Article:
By the women who ride fat bikes
The Yukon trails have their secret tales
Of the good times that everyone likes.
The Northern Lights have revealed cool sights
But the coolest they ever did guide
Was a fat bike train across wintry terrain
By four girls out for a weekend ride.
Where the sunshine always stays
Why she left her home in the south to roam
Round the frozen wastelands, she couldn't say.
She was always sore, but Yukon lore
Seemed to hold her like a spell.
And she drove all day just to while away
A weekend on these snow-covered trails.
Over the Dawson Trail.
Thoughts of cabin beds for the cold night ahead
Kept them hammering like they were driving nails.
With grins frozen in place at the wide-open space,
Where a remote trail provides adventure and thrills.
It tickled them all, but the biggest smile of all
Belonged to Alaska Jill.
@AlaskaJill) is misleading. (It was more true when I created the account while living in Alaska.) Then, in the way great things work in random ways, we figured out we had common interests in snow biking and mutual friends in Canada, and started discussing the possibility of meeting up for a winter bike trip in the Yukon. After a couple months of spontaneous planning in 140 characters or less, The Real Alaska Jill and I finally met in person, and then drove a truck 700 miles from Anchorage to Whitehorse.
The trip was unique in many ways, but I think one of the coolest aspects was the fact that four women were pedaling fat bikes across a rather daunting distance in the Yukon backcountry during the winter. The sport of snow biking is growing, but it's still tiny and dominated by men. The strangeness of four girls on fat-wheeled bicycles wasn't lost on the handful of hunters that passed us on Sunday, staring almost googly eyed at us as they inquired about what we were possibly doing out there. We got a late start and had to pedal fairly hard in a race with daylight (which fades so much later now than it did just three weeks ago at this latitude.) We encountered our "cabin boy" Sky Hunter* about 25 miles down the trail. Sky told us the public cabin was occupied by bison hunters, but there was a trapper's cabin a few miles away that was empty. (*that's his real name)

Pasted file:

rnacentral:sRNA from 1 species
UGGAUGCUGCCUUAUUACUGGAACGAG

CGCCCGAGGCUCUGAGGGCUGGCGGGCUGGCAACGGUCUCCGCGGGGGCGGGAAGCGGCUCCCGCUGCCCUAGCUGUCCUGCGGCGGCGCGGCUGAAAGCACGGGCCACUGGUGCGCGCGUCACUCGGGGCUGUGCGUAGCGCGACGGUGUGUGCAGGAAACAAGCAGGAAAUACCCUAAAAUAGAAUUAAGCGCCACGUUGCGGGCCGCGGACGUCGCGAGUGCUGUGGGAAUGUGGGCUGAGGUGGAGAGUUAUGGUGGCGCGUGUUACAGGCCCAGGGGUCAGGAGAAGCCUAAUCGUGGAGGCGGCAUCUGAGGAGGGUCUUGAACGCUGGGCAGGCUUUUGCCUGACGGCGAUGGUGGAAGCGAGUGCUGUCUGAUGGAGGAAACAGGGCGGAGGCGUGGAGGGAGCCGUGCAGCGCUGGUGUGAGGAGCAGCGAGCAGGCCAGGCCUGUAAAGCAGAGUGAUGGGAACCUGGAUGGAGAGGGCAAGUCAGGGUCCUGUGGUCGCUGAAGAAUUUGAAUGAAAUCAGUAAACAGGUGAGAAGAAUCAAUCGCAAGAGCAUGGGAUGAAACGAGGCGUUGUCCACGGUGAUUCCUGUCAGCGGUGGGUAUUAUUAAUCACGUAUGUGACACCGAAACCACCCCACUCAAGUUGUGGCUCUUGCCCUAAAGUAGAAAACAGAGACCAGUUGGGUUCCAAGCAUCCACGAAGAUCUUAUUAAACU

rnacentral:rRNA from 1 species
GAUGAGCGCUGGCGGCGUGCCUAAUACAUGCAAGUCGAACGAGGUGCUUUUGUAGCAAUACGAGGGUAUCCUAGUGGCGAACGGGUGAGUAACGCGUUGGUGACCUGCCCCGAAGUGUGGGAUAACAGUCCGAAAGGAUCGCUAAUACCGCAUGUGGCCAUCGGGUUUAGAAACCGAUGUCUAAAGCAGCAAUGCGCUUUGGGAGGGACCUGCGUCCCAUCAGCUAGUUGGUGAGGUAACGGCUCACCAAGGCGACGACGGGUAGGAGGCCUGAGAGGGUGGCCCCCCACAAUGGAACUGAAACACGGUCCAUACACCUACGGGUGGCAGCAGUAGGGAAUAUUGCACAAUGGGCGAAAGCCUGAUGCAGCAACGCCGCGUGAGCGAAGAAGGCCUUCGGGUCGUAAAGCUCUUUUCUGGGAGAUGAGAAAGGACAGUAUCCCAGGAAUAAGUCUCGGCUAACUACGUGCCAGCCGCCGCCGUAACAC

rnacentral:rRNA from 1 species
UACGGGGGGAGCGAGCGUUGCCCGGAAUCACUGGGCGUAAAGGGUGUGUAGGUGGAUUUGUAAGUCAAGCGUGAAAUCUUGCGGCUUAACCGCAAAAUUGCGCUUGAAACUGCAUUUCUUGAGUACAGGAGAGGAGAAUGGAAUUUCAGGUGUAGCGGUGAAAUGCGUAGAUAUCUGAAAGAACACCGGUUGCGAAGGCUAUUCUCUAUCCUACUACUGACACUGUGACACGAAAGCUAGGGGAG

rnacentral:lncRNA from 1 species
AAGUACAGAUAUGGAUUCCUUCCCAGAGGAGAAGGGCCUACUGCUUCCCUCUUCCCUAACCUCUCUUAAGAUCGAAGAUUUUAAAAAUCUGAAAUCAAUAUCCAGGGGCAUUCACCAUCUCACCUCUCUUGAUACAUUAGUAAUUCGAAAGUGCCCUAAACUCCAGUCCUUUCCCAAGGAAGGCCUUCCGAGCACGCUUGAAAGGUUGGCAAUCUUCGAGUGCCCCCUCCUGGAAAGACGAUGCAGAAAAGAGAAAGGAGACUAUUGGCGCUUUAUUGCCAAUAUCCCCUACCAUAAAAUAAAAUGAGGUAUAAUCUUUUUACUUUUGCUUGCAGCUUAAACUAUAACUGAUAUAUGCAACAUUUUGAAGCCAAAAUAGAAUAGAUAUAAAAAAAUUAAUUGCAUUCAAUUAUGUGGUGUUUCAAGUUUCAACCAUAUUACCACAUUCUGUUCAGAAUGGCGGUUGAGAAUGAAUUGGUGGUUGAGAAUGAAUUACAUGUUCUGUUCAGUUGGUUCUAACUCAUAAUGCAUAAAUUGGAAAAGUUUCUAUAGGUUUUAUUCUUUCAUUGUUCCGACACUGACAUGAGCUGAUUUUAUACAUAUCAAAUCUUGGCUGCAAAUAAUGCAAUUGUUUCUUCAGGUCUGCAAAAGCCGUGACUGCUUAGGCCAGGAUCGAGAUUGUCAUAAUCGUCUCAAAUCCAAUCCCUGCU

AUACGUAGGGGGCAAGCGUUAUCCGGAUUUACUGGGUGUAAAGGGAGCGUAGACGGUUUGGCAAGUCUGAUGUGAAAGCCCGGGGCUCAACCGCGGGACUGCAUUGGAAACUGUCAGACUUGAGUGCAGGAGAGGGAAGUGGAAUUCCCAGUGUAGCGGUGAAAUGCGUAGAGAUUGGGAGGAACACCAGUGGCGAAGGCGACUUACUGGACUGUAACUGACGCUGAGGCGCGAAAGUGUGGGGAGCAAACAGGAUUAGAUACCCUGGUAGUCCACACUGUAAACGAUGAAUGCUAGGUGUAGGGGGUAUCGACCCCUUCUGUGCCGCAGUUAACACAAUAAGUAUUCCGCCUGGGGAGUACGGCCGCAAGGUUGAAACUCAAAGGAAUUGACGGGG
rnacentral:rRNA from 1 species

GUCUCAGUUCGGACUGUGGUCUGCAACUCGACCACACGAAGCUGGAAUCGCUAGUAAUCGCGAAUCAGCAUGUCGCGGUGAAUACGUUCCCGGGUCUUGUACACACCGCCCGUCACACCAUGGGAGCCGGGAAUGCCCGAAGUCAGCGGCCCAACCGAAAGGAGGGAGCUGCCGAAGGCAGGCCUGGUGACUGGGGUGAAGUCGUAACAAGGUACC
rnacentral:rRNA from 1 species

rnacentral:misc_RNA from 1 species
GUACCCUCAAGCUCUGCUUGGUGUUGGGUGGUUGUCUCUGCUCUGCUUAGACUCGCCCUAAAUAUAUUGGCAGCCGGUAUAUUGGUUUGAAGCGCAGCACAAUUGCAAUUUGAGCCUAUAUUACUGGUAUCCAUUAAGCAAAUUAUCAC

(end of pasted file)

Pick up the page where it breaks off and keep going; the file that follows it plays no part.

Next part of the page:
|Photo by Jenn Roberts|
The next morning, Sierra cooked breakfast over the dwindling fire while I tried to steal as much extra sleep as I could (this was the same night Beat was making his way through -40 temperatures between Nikolai and McGrath, and I let the lack of cell phone reception work me up into an anxiety-ridden lather over a situation that was a thousand miles away and completely beyond my control.) Anyway, because of this, I really didn't sleep. But I was excited to get back on the trail (and, as Jenn pointed out later, closer to cell reception.)
|Photo by Jenn Roberts|
Thanks to Sierra, Jenn, and The Real Alaska Jill (or Jill Hunter or whatever other nicknames we came up with this weekend. There were many.) I really enjoyed my weekend with the girls.